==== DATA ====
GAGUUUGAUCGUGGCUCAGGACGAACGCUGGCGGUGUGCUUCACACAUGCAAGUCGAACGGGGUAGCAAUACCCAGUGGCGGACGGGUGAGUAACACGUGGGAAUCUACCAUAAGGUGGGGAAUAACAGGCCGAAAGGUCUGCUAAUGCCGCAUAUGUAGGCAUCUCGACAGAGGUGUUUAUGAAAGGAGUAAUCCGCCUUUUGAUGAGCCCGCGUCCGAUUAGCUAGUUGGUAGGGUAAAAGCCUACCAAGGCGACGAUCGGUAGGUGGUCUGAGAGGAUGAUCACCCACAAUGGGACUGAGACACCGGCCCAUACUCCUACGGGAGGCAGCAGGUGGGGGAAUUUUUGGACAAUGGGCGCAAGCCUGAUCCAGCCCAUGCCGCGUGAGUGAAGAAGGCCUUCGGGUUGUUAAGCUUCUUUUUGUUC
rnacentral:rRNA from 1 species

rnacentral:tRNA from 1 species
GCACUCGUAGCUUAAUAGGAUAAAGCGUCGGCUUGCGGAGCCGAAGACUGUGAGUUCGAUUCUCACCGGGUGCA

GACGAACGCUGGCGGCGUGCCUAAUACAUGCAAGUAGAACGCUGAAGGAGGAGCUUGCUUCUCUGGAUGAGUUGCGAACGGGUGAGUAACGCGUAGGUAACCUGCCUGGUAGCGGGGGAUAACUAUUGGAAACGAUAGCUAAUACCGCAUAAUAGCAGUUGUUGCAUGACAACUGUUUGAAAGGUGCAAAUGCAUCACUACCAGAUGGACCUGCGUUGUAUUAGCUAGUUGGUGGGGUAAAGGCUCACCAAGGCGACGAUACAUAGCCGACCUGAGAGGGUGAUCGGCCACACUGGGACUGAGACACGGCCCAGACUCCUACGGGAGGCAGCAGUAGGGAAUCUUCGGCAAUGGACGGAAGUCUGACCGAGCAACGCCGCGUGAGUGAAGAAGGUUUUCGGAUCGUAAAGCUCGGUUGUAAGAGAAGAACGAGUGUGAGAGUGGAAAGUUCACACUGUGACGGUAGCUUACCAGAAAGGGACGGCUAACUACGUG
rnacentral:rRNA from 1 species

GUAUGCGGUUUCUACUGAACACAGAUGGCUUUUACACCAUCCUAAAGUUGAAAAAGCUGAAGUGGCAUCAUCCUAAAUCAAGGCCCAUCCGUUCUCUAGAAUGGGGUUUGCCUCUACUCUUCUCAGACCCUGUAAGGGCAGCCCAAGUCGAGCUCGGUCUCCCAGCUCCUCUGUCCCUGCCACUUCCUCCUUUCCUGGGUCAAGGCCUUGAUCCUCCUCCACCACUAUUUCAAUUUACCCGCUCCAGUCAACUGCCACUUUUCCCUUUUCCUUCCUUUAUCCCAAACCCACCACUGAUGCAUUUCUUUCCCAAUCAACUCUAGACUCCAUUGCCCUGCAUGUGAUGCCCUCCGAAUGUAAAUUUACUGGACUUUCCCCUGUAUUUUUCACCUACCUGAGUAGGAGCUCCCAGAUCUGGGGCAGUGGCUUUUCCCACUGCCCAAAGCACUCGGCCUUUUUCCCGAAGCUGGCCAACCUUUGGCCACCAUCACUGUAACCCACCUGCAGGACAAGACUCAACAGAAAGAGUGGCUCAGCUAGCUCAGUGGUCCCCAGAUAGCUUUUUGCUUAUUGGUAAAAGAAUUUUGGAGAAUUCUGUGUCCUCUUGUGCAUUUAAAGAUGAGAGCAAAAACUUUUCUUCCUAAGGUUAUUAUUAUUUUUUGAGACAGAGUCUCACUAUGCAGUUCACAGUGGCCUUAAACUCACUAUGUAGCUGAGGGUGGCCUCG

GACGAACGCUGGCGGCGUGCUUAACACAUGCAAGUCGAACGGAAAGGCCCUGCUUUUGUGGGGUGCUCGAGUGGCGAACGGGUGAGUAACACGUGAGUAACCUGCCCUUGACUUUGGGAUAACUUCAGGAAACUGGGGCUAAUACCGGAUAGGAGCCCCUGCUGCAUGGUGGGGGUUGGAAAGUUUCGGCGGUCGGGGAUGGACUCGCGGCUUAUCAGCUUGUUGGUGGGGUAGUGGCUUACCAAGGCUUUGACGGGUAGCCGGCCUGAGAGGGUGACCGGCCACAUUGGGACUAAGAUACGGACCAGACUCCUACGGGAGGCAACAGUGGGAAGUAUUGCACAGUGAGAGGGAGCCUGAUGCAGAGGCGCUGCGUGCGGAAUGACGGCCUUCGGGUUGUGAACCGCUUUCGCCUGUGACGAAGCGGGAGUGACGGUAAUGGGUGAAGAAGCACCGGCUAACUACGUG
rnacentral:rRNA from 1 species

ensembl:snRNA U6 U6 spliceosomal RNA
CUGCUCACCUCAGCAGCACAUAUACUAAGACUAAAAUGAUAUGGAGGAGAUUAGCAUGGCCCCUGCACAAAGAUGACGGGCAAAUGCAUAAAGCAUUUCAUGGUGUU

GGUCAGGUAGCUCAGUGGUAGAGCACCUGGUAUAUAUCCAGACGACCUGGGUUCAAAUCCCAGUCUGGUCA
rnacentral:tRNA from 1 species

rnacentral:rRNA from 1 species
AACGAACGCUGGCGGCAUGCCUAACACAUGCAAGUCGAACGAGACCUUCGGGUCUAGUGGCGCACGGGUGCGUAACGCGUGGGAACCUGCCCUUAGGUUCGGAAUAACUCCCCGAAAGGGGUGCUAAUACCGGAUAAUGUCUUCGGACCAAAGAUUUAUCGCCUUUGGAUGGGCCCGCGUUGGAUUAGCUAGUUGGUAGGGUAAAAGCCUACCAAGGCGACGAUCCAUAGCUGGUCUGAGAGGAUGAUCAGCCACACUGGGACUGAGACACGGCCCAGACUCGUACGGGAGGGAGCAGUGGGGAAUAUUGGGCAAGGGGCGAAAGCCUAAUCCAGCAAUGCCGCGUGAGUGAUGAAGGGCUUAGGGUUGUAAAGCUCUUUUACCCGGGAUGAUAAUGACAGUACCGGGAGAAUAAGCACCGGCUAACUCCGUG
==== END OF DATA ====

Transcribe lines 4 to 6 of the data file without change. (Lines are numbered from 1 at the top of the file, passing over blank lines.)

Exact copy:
GCACUCGUAGCUUAAUAGGAUAAAGCGUCGGCUUGCGGAGCCGAAGACUGUGAGUUCGAUUCUCACCGGGUGCA

GACGAACGCUGGCGGCGUGCCUAAUACAUGCAAGUAGAACGCUGAAGGAGGAGCUUGCUUCUCUGGAUGAGUUGCGAACGGGUGAGUAACGCGUAGGUAACCUGCCUGGUAGCGGGGGAUAACUAUUGGAAACGAUAGCUAAUACCGCAUAAUAGCAGUUGUUGCAUGACAACUGUUUGAAAGGUGCAAAUGCAUCACUACCAGAUGGACCUGCGUUGUAUUAGCUAGUUGGUGGGGUAAAGGCUCACCAAGGCGACGAUACAUAGCCGACCUGAGAGGGUGAUCGGCCACACUGGGACUGAGACACGGCCCAGACUCCUACGGGAGGCAGCAGUAGGGAAUCUUCGGCAAUGGACGGAAGUCUGACCGAGCAACGCCGCGUGAGUGAAGAAGGUUUUCGGAUCGUAAAGCUCGGUUGUAAGAGAAGAACGAGUGUGAGAGUGGAAAGUUCACACUGUGACGGUAGCUUACCAGAAAGGGACGGCUAACUACGUG
rnacentral:rRNA from 1 species